The Seventh Federal Reserve District states of Illinois, Indiana, Iowa, Michigan and Wisconsin continue to play a key role in the agricultural economy of the United States, as well as the world. Although agriculture's share of the total Seventh District economy is decreasing, it remains a very important part of the larger economy.
Year-over-Year Changes in Farmland Values
Index of Demand for Agricultural Loans
Index of Repayment Rates for Agricultural Loans
Interest Rates Charged on New Farm Loans in the Seventh District
Notes: For charts of indices, bankers responded to each item by indicating whether conditions during the current quarter were higher, lower, or the same as in the year-earlier period. The index numbers are computed by subtracting the percent of bankers that responded "lower" from the percent that responded "higher" and adding 100. These indices exclude real estate loans.
The chart of interest rates is based on data from the Chicago Fed's Land Value and Credit Conditions Survey. The black line indicates farm operating loans and the red line indicates farm real estate loans. This chart shows the average interest rates charged on farm loans. Since farming is a very capital-intensive industry, many farmers make extensive use of borrowed funds. High interest rates mean larger expenses and less profit.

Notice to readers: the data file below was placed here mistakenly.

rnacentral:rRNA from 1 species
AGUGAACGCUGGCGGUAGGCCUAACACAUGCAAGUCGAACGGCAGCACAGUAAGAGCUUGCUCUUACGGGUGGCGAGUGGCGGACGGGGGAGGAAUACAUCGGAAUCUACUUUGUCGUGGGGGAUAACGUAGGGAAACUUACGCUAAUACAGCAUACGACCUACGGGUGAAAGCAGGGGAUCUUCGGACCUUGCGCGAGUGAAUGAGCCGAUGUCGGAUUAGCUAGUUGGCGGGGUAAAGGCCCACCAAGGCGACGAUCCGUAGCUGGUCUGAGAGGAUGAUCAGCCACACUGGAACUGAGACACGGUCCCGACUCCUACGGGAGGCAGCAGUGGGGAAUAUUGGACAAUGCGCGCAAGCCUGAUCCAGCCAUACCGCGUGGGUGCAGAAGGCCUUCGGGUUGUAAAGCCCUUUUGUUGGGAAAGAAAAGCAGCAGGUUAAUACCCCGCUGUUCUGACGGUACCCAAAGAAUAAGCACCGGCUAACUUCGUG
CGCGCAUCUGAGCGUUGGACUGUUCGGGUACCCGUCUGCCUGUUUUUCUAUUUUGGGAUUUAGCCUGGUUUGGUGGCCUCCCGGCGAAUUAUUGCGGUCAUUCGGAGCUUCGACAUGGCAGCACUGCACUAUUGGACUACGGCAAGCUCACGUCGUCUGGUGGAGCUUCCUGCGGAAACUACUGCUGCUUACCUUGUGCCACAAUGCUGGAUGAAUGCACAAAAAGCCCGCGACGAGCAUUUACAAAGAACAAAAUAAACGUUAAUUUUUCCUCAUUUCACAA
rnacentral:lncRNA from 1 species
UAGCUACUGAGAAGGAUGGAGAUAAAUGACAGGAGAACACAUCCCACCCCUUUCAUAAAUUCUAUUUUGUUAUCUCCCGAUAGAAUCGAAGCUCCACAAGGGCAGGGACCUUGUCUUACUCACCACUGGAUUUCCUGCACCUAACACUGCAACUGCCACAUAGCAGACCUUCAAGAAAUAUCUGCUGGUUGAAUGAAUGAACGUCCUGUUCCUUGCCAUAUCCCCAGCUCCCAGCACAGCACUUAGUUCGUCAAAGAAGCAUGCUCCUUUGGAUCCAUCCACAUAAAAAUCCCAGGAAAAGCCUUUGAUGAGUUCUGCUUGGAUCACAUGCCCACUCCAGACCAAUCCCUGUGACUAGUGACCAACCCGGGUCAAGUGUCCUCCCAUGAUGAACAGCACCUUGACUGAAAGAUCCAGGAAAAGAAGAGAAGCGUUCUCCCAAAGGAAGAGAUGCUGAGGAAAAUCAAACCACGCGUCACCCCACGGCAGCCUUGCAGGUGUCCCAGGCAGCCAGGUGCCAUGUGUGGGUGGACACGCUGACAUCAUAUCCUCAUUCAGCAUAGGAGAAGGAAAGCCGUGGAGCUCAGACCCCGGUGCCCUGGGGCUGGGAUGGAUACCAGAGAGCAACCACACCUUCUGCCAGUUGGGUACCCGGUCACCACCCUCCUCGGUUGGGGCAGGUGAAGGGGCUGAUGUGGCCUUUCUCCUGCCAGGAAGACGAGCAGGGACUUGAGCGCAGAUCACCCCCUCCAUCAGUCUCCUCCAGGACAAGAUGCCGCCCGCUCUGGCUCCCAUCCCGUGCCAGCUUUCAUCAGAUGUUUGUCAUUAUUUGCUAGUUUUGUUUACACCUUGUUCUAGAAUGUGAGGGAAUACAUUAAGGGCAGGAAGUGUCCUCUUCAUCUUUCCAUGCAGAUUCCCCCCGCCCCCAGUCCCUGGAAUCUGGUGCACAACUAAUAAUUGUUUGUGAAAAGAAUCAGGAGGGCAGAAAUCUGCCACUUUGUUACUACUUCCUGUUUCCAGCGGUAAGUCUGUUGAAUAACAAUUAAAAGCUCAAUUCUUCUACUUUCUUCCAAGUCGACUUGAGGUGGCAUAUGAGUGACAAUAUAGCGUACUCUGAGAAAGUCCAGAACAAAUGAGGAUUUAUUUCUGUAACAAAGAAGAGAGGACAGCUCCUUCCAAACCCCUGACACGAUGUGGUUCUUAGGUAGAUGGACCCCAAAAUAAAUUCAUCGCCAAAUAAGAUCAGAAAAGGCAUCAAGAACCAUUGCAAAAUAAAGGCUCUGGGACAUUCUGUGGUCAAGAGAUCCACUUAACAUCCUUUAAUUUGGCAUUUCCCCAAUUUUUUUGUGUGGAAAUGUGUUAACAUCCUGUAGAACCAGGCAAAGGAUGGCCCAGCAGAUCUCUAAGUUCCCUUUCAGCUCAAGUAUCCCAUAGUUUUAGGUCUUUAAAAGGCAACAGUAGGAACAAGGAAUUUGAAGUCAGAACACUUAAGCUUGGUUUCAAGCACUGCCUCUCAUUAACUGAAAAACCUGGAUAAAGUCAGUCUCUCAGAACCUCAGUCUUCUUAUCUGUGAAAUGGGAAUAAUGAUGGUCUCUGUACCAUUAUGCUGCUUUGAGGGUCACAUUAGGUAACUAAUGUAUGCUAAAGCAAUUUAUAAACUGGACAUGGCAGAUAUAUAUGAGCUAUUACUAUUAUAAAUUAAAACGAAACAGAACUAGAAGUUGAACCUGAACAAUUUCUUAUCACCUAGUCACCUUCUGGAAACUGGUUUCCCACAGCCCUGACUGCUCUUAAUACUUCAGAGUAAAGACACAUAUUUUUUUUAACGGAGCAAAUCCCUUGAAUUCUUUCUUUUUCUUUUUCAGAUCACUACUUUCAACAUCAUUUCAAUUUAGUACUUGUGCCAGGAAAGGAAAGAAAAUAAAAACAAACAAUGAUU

Source for all charts: Land Value and Credit Conditions Survey, Federal Reserve Bank of Chicago
Data on credit conditions at Seventh District agricultural banks and on farmland values in the Seventh District are available for download as spreadsheets. Recent data for credit conditions are also available on the third page of the AgLetter.
2012 Agriculture Conference
On November 27, 2012, the Federal Reserve Bank of Chicago held a conference to examine trends in farmland leasing and analyze various types of leases, within the context of the changes facing agriculture in the Midwest. The theme was Farmland Leases: Tales, Types and Trends. The March 2013 Chicago Fed Letter summarizes the event.
The 2012 cash rents for midwestern farmland increased 17 percent from a year ago, according to the latest Chicago Fed survey. Cash rental rates for farmland in the Midwest have risen quickly in recent years, but still have lagged the increases in agricultural land values. Read more...
On November 15, 2011, the Federal Reserve Bank of Chicago held a conference to explore the factors contributing to large increases in agricultural land values and cash rental rates in the Midwest. The theme was Rising Farmland Values: Causes and Cautions. Farmland values increased 16 percent from a year ago in the first quarter of 2011; 2011 cash rents for farmland increased 16 percent as well. At the conference, experts from academia, industry and policy institutions will present research on the causes of rapid increases in agricultural land values and cash rents, as well as their interrelationship. Presentations are now available on the Agenda tab on the conference site. Read more...